Wednesday, April 28, 2021 / 07.27PM / TheAnalyst, Proshare Research / Header Image Credit: Ecographics
The erstwhile managing director of First Bank of Nigeria (FBN), Dr. Adesola Adeduntan, has stepped down as the chief executive of Nigeria's oldest bank and handed it over to his former deputy, Mr. Gbenga Shobo. The decision was taken at the bank's Board of Directors meeting held on 28 April 2021. The decision was subject to all regulatory approvals.
A few analysts had speculated about a possible board disagreement, but this had no validation based on Proshare inquiries (Adedutan was actually re-elected Director of FBN Holdings in a non-executive capacity). According to bank insiders, the 127-year-old financial institution had introduced the position of deputy managing director (DMD) during the tenure of Mr. Bisi Onasanya, who was managing director between 2010 and 2015.
The position of DMD was designed to improve the bank's succession planning and improve its corporate governance. The appointment of Shobo was, therefore considered to be an indication of the triumph of the bank's new corporate management template. According to the bank's Chairperson, Mrs. Ibukun Awosika, "we are proud to announce Gbenga Shobo as new MD/CEO. His appointment as Deputy proved the resilience of our succession planning mechanisms and the value, we place on our longstanding corporate governance practices, which underpin the institution's enduring sustainability".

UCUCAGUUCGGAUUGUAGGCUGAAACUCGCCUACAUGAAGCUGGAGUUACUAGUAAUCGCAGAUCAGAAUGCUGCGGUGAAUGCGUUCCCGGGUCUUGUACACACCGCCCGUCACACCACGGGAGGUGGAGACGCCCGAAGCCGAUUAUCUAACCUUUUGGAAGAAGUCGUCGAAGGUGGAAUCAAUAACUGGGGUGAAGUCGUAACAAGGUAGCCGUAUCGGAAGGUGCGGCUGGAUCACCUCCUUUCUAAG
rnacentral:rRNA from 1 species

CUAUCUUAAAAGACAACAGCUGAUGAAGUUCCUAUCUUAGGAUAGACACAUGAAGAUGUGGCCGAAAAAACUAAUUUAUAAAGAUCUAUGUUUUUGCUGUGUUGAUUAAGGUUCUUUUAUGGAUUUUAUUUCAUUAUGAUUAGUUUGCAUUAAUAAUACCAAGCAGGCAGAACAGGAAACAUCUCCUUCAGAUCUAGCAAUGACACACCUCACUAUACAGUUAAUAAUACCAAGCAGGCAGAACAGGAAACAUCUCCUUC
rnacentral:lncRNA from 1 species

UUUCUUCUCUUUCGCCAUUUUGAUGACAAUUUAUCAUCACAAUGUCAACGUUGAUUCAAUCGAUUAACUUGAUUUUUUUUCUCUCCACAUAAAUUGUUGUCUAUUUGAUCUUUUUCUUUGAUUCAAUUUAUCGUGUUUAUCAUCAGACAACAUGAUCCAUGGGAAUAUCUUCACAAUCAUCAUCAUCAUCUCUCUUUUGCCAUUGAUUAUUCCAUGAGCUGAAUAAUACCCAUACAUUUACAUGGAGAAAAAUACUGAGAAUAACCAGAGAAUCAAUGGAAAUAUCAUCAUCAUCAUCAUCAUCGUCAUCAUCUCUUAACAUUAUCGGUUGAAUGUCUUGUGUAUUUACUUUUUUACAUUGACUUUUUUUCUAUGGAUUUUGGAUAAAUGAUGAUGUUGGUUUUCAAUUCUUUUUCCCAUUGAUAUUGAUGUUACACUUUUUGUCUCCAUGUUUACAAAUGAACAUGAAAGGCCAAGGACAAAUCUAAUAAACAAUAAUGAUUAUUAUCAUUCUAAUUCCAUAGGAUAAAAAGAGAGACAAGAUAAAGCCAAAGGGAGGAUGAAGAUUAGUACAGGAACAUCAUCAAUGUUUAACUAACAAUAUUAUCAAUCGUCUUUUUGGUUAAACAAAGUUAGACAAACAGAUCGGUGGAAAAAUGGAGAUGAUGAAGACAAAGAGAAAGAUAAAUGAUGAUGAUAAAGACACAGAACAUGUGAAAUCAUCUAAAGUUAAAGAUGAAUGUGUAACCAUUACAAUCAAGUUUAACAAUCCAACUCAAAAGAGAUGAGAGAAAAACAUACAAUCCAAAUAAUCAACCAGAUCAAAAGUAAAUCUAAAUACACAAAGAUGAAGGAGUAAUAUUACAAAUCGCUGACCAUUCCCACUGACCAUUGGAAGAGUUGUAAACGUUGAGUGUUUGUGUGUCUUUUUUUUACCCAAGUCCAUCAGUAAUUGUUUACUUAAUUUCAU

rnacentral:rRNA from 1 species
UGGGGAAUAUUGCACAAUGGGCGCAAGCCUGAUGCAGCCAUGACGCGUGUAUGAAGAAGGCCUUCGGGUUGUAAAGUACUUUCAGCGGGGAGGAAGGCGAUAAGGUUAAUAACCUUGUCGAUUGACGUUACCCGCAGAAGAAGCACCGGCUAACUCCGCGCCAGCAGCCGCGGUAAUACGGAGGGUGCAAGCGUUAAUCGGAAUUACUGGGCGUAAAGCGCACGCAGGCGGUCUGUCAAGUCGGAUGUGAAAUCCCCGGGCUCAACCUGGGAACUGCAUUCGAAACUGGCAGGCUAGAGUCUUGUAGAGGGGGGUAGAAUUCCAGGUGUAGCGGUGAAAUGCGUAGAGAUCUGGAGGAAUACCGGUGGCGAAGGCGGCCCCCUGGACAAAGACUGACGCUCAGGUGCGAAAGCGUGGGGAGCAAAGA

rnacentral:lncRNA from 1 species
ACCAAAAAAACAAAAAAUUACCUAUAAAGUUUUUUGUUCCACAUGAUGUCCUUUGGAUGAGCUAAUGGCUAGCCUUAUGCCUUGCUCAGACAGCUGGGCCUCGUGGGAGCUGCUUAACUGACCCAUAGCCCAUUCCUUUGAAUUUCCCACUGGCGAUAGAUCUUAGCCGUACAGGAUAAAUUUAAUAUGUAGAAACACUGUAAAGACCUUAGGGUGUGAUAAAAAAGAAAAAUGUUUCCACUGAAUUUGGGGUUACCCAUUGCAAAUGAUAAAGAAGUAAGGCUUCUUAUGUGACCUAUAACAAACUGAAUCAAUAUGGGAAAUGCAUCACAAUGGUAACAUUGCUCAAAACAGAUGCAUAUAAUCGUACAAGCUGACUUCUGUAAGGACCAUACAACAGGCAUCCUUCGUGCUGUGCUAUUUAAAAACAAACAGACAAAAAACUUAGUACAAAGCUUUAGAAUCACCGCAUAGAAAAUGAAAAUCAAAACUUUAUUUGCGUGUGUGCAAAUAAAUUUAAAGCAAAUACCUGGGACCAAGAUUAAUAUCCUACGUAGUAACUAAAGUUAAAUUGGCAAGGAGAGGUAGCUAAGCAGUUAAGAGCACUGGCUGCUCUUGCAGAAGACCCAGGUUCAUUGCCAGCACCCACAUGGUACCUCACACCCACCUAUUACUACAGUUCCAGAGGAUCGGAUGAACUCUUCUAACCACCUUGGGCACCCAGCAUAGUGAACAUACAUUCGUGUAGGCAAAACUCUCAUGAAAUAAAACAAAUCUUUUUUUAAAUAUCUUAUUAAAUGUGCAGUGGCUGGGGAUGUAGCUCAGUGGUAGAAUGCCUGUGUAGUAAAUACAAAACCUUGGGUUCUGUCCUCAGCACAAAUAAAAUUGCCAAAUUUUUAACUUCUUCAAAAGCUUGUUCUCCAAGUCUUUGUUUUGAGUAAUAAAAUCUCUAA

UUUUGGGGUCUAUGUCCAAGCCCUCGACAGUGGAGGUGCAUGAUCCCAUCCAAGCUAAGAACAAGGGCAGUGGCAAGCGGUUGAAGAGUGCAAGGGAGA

The Onasanya-Adeduntan-Shobo Succession Shift
It would be recalled that Adedutan was deputy managing director under Bisi Onasanya, who spent a single term of five years as chief executive officer of the bank and who was pioneer MD of FBN when the financial structure of the institution was changed to a holding company (Holdco) with UK Eke being promoted to the then-new position of group MD of the Holdco. The ascension of Shobo to the leadership of the bank is, therefore, consistent with the new succession framework of the institution which has seen the upgrading of Abdullahi Ibrahim as the new deputy managing director (DMD), with Mr. Inu Ebong, Mr. Segun Alebiosu, Mr. Seyi Oyefeso, and Mrs. Basirat Odunewu appointed as executive directors (EDs) (see illustration 1 below).
Illustration 1: FBN; The New Chaps on the Block
Awosika noted the need to "thank Sola [Adeduntan] for his dedication and effort during his helm at the bank, and before as CFO. The board and I are grateful for his leadership of the bank over the last five and a half years and believe that the strong foundations created during his term will provide an excellent basis for our continued success. We wish him well in his future endevours outside the FirstBank Group".
The bank's succession plan appears to have solved the previous problems of fractious in-fighting and political broadsides that characterized the process of appointing a new chief executive officer of the venerable institution in the past. Nevertheless, the new culture may have its drawbacks as it limits the bank search for superior talent unaffected by existing culture doorstops and institutional biases, indeed managerial 'inbreeding' has its downsides.
However, so far, in-house succession planning at the bank is alive and well and may compensate for the challenges of bringing in an outsider who would spend time understanding the bank's culture and deciding how best to pursue its growth agenda and corporate purpose.
The Handicap Avoided
A major problem with corporate sustainability is the disruption caused by failed succession plans. Organizations that do not create clear pathways to succession usually end up finding their noses in the dust when star corporate employees leave for other opportunities or by natural administrative progression.